Another aspect of her book that I really liked was the painstaking research she included.  The story was rich with details about pre-war Europe and the personalities that inhabited it.  When it came to sheer detail there may have been a little too much in parts, but it was easily ignored and—for her purpose as the what-if-historian—likely added more to the work than it detracted.  After sinking so much time into the research (two decades, she tells me), I can understand how hard it have been to cull all that information into a more accessible format.

As for what I didn’t like, I felt that the language in the story was a bit simplistic—not that it was bad, mind you, just that it lacked the stylistic panache that I admire in good writing.  Ms. Egan tells it like it is in no-nonsense prose, which becomes the historical researcher in her but doesn’t necessarily make it the most artful of deliveries.  Likewise, I felt that the relationship between Bill and Maggie and some of their interactions were a bit hurried, presented in too-plain terms that “showed” too little and “told” too much.  All of this is forgivable, however, as the main purpose behind her work is to examine the crash of the G-AESY and the many possible causes, and that she does amazingly well.

If you like a good historical quandary, meticulous research, or quests for the unknowable, you’ll like this book.  As for me, I give The Bridge of Deaths three stars—really more like three and a half, but I only have graphics for whole star ratings.  It’s a cruel world, I know.  Be sure to check out the interview with Mrs. Egan and enter for the drawing of a copy of the book (see below for details).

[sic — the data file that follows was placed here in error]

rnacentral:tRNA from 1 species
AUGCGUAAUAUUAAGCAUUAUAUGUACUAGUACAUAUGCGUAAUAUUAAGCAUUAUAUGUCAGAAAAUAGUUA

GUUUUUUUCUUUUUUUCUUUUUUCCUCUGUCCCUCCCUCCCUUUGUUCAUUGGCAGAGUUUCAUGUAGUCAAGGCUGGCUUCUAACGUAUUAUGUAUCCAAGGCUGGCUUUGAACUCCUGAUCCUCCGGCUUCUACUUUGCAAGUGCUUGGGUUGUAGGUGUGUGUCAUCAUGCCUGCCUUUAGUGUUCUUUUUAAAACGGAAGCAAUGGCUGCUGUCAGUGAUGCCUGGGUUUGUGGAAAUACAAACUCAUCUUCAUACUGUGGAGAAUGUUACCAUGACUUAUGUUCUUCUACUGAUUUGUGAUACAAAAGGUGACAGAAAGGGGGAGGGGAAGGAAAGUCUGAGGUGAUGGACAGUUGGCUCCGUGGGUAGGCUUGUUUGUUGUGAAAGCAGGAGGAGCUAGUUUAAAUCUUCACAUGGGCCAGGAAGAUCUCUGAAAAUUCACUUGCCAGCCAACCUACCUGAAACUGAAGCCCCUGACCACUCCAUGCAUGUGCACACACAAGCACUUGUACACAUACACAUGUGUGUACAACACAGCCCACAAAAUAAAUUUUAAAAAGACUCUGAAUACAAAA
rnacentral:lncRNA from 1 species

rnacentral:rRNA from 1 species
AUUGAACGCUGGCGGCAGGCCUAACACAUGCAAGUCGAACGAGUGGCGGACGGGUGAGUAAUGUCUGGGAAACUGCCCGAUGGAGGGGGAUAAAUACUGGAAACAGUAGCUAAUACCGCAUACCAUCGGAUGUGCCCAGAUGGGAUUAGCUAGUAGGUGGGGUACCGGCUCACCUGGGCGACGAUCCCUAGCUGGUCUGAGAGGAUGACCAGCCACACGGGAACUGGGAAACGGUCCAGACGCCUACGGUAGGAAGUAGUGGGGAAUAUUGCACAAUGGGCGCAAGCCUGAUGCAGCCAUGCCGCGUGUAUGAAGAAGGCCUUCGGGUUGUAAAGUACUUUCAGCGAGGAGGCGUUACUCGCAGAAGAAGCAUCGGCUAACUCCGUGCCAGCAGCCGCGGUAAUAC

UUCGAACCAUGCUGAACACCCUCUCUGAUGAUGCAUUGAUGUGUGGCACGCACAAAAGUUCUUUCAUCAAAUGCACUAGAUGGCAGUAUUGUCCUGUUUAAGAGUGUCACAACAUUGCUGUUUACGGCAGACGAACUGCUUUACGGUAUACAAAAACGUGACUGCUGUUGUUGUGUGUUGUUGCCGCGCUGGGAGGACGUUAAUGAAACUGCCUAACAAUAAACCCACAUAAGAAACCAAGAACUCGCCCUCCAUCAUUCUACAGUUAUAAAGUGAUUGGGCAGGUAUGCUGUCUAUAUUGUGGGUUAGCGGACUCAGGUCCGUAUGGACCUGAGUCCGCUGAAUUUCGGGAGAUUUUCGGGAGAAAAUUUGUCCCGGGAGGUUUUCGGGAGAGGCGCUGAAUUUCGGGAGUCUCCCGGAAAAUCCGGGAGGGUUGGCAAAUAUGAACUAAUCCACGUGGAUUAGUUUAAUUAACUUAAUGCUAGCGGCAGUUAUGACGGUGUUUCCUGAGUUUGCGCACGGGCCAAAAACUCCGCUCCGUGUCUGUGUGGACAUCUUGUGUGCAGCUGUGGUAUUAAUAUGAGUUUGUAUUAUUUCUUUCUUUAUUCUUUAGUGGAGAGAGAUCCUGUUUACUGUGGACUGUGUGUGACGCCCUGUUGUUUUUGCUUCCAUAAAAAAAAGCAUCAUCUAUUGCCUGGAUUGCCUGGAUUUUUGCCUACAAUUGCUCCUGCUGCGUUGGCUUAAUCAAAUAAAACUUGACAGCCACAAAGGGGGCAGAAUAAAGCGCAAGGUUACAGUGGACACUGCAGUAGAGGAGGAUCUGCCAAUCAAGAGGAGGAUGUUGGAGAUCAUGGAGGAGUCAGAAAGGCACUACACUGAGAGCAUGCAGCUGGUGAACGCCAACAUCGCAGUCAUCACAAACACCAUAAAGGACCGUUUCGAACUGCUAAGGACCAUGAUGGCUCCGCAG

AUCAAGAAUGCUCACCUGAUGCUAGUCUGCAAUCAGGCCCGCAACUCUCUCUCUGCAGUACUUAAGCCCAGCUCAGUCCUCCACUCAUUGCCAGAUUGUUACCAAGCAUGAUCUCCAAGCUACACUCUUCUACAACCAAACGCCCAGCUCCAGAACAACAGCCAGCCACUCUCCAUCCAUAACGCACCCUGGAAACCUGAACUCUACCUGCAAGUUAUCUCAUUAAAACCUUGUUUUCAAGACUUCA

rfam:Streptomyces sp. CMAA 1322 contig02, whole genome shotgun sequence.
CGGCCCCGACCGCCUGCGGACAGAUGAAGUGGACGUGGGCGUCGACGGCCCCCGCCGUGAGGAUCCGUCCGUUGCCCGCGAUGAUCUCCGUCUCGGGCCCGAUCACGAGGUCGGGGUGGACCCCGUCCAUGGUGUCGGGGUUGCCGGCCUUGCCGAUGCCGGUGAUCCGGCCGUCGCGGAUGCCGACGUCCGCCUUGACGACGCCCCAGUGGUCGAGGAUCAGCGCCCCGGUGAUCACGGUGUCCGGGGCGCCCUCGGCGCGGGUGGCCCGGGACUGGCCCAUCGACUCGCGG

Now it’s time for the swag.  The author has been kind enough to offer up a paperback copy of The Bridge of Deaths, available for free to one lucky resident of the US.  For those of you who don’t live in the land of the free and home of the brave, fear not.  She’s got a copy in ebook format with your name on it.  So wherever you live, give the dice a shake and let ‘em rip by signing up through the Rafflecopter widget below.  Entries will be open until midnight, Sunday April 8th, 2011, after which I’ll notify the lucky winner.

This being my first time using Rafflecopter, there may be some technical difficulties.  Please let me know if you encounter any problems, and as always, good luck!







a Rafflecopter giveaway

11 comments:

  1. Yay!! Thanks for reviewing this book- I've been eagerly anticipating your review. I entered the raffle and am looking forward to checking it out myself. It sounds fascinating! Great review, as always.

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    1. Thanks, Erin. I'm glad you liked the review.

      I don't see your entry on the rafflecopter widget. Did you use it to enter? If it's not working I can just add you manually... I think. I'm kind of new with this too.

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  2. This sounds really good - I love historical books that mix fact with fiction. And, as for the review, itself...well, the only adjective I can come up with is "God-like." LOL! Oh, yea, I am in the raffle(!)

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    1. You know what they say--flattery will get you everywhere. Thanks for stopping by, Libby, and good luck!

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  3. Sounds interesting...

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  4. I was going to say boo about it only being available of U.S. residents, but luckily I kept reading. I'm in!

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    1. Sweet! I manually added another entry for you, since you both (1) commented and (2) are already a follower. Now you've got double the odds ;)

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  5. Thans for doing such a good job with this, I wanted to know more about boo and author, this was helpful indeed!

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    1. Why thank you, Lisa. Thanks for stopping by and for following, and good luck in the giveaway.